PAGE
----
CCIM Office Sector Luncheon—Demand, Density and Flex Space: Systemic Change or Return to Yesterday?

Keynote Speaker: Dr. James Gaines, Chief Economist, Texas A&M University, Real Estate Center

February 2020, was the peak of the 128-month-long prior recovery; then we fell sharply into recession
• Down 31% in Q2 and down 25-30% in Q3 (est.)
• Since March nationwide, 63 million have filed for unemployment—about 38% of the workforce; in Texas, 6 million; Texas lost 1.4 million jobs in March-April alone; lost jobs have now recovered by about one-half; Houston has retained 92% of pre-COVID jobs
• Texas has had a ‘double whammy’: oil and COVID…energy demand is down and will stay there for a while, although price at $40 bbl seems to have stabilized
• Our federal deficit will hit $4 trillion this year, and the Fed has had to borrow $3 trillion of it; in 2-5 years there will be a huge debt overhang
• 3.4 million mortgages—7% of total-are in forbearance arrangements, but those arrangements may expire in early 2021
• For recovery, we must: a) get virus under control b) increase consumer demand and spending c) re-employ people d) stabilize/improve global trade
• We have no inflation and stable (low) interest rates at or lower than 3%
• Texas is a little better off than rest of the U.S., and it should be early 2022 before we approach under 5% unemployment
• Home sales are up 3.5%, and prices up 5-6%; there is an inventory shortage of single-family homes; new home construction is up and could be one of major drivers pulling us out of current slump

South Central Texas Post-COVID-19 Forecast


Office in San Antonio “Ok” and not sliding too much; 15% vacancy citywide, with average rents $21.85 down from $22.50 this time last year; robust development market; tenants beginning to return to offices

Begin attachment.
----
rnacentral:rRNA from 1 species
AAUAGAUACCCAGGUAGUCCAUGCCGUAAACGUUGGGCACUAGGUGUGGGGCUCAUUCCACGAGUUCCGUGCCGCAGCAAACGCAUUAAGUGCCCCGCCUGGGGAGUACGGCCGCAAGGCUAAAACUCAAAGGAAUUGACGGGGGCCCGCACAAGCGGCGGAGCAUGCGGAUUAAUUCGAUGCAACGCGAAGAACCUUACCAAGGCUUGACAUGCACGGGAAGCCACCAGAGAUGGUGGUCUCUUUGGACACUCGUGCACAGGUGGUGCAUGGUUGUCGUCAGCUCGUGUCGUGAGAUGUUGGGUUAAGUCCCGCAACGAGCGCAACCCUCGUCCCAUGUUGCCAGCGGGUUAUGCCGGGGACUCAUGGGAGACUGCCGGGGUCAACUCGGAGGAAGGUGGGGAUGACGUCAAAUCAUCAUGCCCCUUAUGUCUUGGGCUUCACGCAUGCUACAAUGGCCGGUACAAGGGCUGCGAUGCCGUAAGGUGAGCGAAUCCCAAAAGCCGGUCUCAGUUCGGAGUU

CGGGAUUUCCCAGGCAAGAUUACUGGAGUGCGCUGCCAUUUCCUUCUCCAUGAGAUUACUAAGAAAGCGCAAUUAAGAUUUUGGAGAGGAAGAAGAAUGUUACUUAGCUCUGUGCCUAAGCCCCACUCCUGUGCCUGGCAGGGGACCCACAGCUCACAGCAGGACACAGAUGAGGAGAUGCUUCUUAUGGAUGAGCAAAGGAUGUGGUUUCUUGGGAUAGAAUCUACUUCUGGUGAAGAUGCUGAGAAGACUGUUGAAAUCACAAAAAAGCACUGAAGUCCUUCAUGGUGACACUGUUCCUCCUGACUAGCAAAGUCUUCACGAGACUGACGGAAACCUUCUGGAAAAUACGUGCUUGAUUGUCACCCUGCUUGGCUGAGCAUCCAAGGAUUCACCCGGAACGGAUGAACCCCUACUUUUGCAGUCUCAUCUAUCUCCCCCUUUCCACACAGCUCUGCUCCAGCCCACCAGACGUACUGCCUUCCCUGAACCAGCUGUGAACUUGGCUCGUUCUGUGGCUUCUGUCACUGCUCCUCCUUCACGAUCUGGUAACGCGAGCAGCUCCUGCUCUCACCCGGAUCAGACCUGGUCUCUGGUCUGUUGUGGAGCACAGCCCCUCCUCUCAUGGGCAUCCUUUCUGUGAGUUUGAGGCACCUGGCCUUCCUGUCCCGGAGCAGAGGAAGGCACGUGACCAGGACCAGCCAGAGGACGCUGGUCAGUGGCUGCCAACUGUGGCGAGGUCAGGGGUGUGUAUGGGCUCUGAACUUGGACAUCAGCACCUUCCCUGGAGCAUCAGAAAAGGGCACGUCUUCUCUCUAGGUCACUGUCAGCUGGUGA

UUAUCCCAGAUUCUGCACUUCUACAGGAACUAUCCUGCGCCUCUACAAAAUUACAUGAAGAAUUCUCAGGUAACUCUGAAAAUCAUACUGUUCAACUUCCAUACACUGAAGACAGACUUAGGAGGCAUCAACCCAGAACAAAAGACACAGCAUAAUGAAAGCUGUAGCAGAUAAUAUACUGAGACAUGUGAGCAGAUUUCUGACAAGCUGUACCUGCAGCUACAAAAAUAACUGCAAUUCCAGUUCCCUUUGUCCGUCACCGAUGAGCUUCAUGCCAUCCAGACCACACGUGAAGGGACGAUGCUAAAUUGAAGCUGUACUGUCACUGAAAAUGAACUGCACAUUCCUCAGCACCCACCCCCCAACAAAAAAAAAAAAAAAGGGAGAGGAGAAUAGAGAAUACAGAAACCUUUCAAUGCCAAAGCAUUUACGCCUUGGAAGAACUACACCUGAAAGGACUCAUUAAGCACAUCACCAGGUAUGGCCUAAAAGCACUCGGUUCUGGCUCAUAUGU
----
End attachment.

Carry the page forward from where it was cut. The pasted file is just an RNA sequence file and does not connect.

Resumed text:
Some landlords working with tenants on short-term renewals to build tenant goodwill, and to retain them.

The hybrid work from home and office model is here to stay, although the productivity metric for this formula is not fully known yet.

Company culture is “at the office” and it is especially important to for new hires to interact with peers and senior employees as they learn and absorb the company culture.

When pandemic recedes, we will be quick to return to old habits and dense environments, office and social; in 18-24 months we will be back to normal here

8% unemployment in S.A.

Data Center Performance Varies Across Texas

As they are no longer merely the domain of enterprise users, demand for data centers has skyrocketed in recent years with more information moving to the cloud. The pandemic has created issues, nevertheless, the events of 2020 have largely accelerated this trend. By just about every metric, the asset class saw incredible gains during the first half of the year,
according to a report by JLL. Datacenter REITs outperformed other sectors, absorption rose in most markets and operators have thus far weathered the